There is no shortage of plump cows, languidly parked under shady trees and in fields, living their lives beneath the Texas sky on God’s green earth. As all animals should. Such sights feel to my heart like hugs. People are extremely nice, kind, polite, they appear to be quite united in their communal humanity. This is the advantage of a small town, without a great socio economic discrepancy. Considerations of wealth, ambition, vanity, competition, city stress, do not afflict these people or divide them in the ways that they do in other areas. It is a simpler world that I think breeds a kinder folk. As far as I can tell racial tensions don’t prevail here, people seem to live on equal footing, healthily intermixed. I can’t be sure, but from my limited observations, humans are less divided by race in this small town than in many other liberal, more cosmopolitan areas on the west coast, which is ironic. On the west coast although equality is a highly esteemed and hailed aspiration, it is not necessarily as much of a reality as it appears to me to be in Wharton. Again I think this is because socio economically everyone is in a somewhat same boat here. They occupy their small world together, they farm the same land, frack the same ground and drink the same beer in the only bar in town.

P.S. Lena, is the little Polo pony I got to ride on the 30000 acre ranch which is home to the Polo farm, and it was a truly beautiful thing. Not only is the scenery expansive and robust, but I have arrived at the conclusion that Polo ponies are perhaps the most fun to ride of all equine athletes. They are alert, very forward, have excellent endurance and listen very closely to their riders.

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15 thoughts on “On the culture shock of Wharton, Texas & some of its subsequent charms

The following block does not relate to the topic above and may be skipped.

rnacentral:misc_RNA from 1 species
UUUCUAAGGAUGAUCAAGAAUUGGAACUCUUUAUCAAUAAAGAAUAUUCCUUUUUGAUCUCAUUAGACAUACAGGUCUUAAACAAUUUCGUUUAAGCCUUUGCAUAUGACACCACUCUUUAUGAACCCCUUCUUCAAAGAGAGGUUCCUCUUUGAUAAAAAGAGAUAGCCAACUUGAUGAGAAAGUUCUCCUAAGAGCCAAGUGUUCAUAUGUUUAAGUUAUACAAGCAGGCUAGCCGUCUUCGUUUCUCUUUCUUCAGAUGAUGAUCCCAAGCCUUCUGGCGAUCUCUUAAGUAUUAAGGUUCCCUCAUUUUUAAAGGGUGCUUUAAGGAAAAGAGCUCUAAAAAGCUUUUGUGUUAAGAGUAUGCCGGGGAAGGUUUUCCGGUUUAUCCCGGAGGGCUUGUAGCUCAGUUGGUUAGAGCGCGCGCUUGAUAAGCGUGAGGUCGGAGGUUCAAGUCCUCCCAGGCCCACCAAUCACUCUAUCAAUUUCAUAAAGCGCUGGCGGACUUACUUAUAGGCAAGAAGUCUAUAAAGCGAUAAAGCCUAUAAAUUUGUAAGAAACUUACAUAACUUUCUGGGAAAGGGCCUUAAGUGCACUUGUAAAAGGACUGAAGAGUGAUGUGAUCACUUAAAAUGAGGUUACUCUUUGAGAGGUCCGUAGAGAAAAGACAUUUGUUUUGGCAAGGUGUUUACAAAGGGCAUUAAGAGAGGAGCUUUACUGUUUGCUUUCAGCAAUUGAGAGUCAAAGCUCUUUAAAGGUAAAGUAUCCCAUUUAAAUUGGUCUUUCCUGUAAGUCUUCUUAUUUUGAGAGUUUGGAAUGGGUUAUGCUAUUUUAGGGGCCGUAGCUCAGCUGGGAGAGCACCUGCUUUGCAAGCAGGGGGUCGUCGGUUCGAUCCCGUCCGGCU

1. I’m glad you seem to be limiting the scope of your comments to Wharton, Texas, as opposed to Texas as a whole, only because Texas is big enough to swallow a whole – or a few, or several – other countries, depending on what countries we’re talking about. My only point being I’ve never been to Wharton, but I’ve lived in Fort Worth and Austin, and I’ve spent time in Dallas and Lubbock, and each of those places is very different than the others.

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  2. I’m sure the people of Wharton are thrilled to have a model ride into town who can explain the finer things in life to them like what a “Starbucks” and “whole foods” is. You should apply with the state department for an ambassadorship.

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  3. I live here in the Lone Star State and part of the reason I love it is because you will find a lot of that small-town kindness in the bigger cities. I’m not a native but I married in as soon as I got the chance 😉

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  4. Very good post. Like you, I’ve always lived in relatively urban settings — and even when I spent a few years living in Texas, it was in Dallas. If you ever want to experience the feeling of being in a different country while still being in the US, try visiting Barrow, Alaska. That is a real eye-opener. Hmm. I may have to write a post about Barrow.

    And your coffee situation can even happen in the big city. The first time I ordered coffee in New York City, the server asked me if I wanted “regular.” I said, “sure,” thinking that she meant regular coffee as opposed to decaffeinated. But in NYC (at the time, anyway — way before Starbucks ever existed — that’s how old I am), “regular” meant with cream (or milk) and sugar. Live and learn.